Big Four auditing firm KPMG has identified the top four skills needed for a blockchain-related career, in a press release shared with Cointelegraph on May 16.
KPMG suggests that an increasing number of companies will investigate blockchain technology this year. “Blockchain projects will not succeed or scale without a multifaceted team that goes beyond technologists,” the firm states, thus identifying the four major skills needed for a career in the industry.
KPMG argues that the successful deployment of blockchain tech depends on professionals with both technology literacy and business acumen.
Google’s announcement that it was no longer able to work with Huawei is just one repercussion of the US decision to add the Chinese tech giant to its “entity list” of companies American firms cannot work with.
The true impact to Huawei may be enormous. While we often refer to the firm’s devices as simply “Chinese”, the reality is much more complicated – it sources parts and expertise from all over the world. The same can be said for the likes of Apple, of course, which relies at least in part on chips created by its rival, Samsung.
To get an idea of how disruptive the US move is, let’s take a look at just one component of one device: the motherboard in Huawei’s flagship smartphone, the P30 Pro.
This is an incredibly useful article in that it lays out all the components of a smartphone, with photos, and explains in simple terms what they do and where they come from. Why is so important that a good deal of the components for a Chinese smartphone come from the U.S?
” Analysts predict the decision [by the U.S. to ban U.S. components in Chinese Huawei products] could encourage China’s desire to build more technology within its own borders. That would be a difficult, costly, and in some areas sub-par, move to take. But long-term it would give China a chance to set its own standards on future technologies.” What issues arise when countries have different technology standards?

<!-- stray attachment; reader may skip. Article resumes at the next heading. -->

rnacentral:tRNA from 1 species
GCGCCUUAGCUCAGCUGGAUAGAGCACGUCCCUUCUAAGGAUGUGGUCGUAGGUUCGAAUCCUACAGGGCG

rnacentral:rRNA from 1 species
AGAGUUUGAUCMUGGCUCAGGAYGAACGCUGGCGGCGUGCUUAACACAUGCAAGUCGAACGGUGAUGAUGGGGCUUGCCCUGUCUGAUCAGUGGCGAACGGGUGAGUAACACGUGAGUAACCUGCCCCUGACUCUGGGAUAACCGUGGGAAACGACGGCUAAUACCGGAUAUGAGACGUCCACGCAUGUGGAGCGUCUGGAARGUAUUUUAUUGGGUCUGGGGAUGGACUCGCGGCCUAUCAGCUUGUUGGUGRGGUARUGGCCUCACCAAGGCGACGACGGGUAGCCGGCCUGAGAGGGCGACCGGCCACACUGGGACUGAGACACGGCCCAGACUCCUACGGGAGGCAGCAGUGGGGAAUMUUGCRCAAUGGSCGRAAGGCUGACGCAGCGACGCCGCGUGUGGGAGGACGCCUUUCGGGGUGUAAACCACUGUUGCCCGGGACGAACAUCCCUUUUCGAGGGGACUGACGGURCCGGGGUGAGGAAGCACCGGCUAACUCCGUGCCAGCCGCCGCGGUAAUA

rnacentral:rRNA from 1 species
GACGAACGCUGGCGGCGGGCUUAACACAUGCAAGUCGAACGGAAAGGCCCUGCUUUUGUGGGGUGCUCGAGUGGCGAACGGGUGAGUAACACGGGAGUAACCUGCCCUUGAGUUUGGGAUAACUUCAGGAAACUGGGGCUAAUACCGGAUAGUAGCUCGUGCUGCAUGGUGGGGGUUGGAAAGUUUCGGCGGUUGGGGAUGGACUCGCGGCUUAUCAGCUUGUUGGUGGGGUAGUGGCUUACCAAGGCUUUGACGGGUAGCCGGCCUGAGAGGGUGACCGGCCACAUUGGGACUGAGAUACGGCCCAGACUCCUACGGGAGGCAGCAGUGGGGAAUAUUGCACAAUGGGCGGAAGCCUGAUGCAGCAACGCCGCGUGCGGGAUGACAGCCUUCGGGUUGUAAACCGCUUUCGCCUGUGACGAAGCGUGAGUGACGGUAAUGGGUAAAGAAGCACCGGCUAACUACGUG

It was on the motorway near Phoenix, Arizona, that I realised fully driverless cars might be quite a distant dream. And that was because our Google Waymo robo-taxi seemed incapable of leaving that motorway.
Google leads this race at the moment and for the past six months has been offering a robo-taxi service, Waymo One, to a select few early adopters in and around the Phoenix suburb of Chandler.
Our first ride with Waymo took us through the quiet suburban streets, where traffic is sparse and drivers well mannered.
Here, the minivan, fitted out with a battery of sensors and high-definition cameras, performed very impressively, handling slightly tricky left turns, spotting other road users and slowing down as it passed a school.
While a Google engineer sat behind the wheel, she never intervened and soon we relaxed and forgot that we were effectively being driven by a robot.
SpaceX wants to beam cheap broadband internet all over the planet. It’s gearing up for the first crucial step toward making that a reality.Elon Musk’s rocket company will try to deliver a batch of 60 satellites into low-Earth orbit, the first for a megaconstellation of satellites that SpaceX is calling Starlink. The launch could happen sometime next week.It was scheduled to take off Wednesday night, but rough winds in the upper atmosphere caused a one-day delay. And SpaceX said in a Thursday tweet that it would wait another week so the company can “update satellite software and triple-check everything again.”The upcoming mission is a small part of what SpaceX ultimately wants to be a much grander project: a group of potentially thousands of satellites swirling over Earth that the company says could eventually make available low-cost internet for a significant portion of the world’s population that isn’t yet online.